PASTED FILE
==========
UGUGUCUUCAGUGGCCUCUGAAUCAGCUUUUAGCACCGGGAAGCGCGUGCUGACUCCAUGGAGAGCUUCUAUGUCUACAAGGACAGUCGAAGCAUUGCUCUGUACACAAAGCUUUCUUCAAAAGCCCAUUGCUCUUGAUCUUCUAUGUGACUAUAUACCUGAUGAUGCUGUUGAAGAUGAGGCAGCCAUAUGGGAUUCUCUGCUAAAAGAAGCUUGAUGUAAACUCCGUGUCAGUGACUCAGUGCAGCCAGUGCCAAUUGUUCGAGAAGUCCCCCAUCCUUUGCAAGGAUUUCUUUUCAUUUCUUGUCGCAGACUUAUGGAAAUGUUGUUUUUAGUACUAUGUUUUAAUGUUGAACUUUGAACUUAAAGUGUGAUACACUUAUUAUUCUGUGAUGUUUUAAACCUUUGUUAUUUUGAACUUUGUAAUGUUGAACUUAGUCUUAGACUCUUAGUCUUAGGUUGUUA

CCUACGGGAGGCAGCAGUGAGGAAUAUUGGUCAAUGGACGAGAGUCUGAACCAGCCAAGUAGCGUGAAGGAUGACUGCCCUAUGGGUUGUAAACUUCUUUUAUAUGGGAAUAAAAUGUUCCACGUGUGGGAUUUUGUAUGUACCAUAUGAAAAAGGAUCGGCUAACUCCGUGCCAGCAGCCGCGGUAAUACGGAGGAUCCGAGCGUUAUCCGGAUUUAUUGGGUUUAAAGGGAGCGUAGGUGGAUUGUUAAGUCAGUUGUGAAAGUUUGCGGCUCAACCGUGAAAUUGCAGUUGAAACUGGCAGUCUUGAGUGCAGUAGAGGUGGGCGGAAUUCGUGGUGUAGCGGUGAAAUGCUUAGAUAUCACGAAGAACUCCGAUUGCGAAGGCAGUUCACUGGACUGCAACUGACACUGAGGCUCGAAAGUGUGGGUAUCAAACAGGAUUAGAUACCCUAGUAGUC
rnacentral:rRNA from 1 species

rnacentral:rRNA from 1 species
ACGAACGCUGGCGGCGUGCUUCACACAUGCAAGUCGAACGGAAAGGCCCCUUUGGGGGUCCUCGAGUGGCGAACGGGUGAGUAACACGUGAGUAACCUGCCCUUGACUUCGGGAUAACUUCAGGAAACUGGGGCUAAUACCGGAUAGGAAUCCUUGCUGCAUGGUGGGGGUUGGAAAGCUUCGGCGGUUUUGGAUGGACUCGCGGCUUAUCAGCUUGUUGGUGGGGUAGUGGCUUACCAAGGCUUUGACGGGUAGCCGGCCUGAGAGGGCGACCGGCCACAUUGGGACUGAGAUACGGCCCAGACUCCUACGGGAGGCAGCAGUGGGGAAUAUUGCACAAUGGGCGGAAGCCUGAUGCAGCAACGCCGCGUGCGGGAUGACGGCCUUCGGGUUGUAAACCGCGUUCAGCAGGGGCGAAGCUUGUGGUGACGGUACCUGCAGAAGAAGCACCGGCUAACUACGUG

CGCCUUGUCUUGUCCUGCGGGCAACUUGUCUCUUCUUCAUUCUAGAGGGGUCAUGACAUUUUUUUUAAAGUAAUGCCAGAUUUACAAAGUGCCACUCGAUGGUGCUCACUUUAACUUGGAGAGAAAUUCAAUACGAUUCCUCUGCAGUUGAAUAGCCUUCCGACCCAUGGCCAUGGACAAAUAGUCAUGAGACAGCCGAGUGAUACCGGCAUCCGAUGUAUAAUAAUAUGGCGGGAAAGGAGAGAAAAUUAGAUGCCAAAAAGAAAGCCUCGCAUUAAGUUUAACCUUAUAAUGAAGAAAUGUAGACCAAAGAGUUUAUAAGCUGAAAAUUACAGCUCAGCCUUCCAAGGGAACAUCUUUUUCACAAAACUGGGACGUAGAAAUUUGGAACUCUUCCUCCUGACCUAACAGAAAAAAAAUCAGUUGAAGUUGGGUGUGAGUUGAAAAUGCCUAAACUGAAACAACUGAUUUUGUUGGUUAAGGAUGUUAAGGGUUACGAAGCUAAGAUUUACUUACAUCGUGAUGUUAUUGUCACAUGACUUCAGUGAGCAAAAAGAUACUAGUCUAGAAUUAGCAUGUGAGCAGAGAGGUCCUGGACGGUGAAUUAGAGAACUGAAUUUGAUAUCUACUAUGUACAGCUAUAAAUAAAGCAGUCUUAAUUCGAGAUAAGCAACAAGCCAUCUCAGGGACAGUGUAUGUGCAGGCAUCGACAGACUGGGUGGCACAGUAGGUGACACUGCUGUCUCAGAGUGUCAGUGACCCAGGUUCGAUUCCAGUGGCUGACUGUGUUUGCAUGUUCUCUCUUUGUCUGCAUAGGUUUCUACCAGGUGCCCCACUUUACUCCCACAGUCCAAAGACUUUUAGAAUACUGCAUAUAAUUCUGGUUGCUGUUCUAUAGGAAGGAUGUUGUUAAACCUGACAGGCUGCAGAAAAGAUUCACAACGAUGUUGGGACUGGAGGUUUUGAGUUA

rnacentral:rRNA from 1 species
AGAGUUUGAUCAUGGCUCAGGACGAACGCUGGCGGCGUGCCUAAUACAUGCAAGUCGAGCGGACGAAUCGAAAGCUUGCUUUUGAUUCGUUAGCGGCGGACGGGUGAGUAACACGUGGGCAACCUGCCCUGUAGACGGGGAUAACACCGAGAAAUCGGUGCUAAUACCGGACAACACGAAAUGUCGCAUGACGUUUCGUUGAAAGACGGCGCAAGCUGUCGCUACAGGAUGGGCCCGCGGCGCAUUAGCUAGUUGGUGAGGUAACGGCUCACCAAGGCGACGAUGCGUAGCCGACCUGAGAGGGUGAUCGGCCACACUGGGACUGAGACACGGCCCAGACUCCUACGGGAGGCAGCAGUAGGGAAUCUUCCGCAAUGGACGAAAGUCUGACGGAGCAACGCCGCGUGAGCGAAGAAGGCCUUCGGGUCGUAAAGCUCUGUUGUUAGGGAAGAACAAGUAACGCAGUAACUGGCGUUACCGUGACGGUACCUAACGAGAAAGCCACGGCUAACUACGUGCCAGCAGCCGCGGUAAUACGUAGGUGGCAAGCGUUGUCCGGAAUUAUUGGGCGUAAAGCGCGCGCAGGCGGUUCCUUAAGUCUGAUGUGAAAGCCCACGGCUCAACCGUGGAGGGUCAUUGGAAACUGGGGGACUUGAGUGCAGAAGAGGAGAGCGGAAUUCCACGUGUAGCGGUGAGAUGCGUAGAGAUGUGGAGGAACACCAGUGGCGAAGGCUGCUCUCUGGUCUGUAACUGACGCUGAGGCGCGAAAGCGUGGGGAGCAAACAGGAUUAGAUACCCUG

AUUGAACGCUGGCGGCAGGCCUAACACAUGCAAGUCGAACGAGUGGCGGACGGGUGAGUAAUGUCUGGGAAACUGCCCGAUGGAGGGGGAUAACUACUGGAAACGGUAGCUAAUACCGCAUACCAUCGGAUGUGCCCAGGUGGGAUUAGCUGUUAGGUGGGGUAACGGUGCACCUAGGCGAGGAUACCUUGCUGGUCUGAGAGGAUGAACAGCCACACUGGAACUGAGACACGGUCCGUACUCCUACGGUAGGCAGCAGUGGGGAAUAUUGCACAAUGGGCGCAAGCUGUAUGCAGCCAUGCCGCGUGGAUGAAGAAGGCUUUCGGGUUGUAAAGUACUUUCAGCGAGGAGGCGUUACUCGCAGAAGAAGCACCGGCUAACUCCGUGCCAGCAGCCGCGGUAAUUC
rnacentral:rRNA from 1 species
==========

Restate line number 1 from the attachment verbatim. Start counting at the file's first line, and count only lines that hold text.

UGUGUCUUCAGUGGCCUCUGAAUCAGCUUUUAGCACCGGGAAGCGCGUGCUGACUCCAUGGAGAGCUUCUAUGUCUACAAGGACAGUCGAAGCAUUGCUCUGUACACAAAGCUUUCUUCAAAAGCCCAUUGCUCUUGAUCUUCUAUGUGACUAUAUACCUGAUGAUGCUGUUGAAGAUGAGGCAGCCAUAUGGGAUUCUCUGCUAAAAGAAGCUUGAUGUAAACUCCGUGUCAGUGACUCAGUGCAGCCAGUGCCAAUUGUUCGAGAAGUCCCCCAUCCUUUGCAAGGAUUUCUUUUCAUUUCUUGUCGCAGACUUAUGGAAAUGUUGUUUUUAGUACUAUGUUUUAAUGUUGAACUUUGAACUUAAAGUGUGAUACACUUAUUAUUCUGUGAUGUUUUAAACCUUUGUUAUUUUGAACUUUGUAAUGUUGAACUUAGUCUUAGACUCUUAGUCUUAGGUUGUUA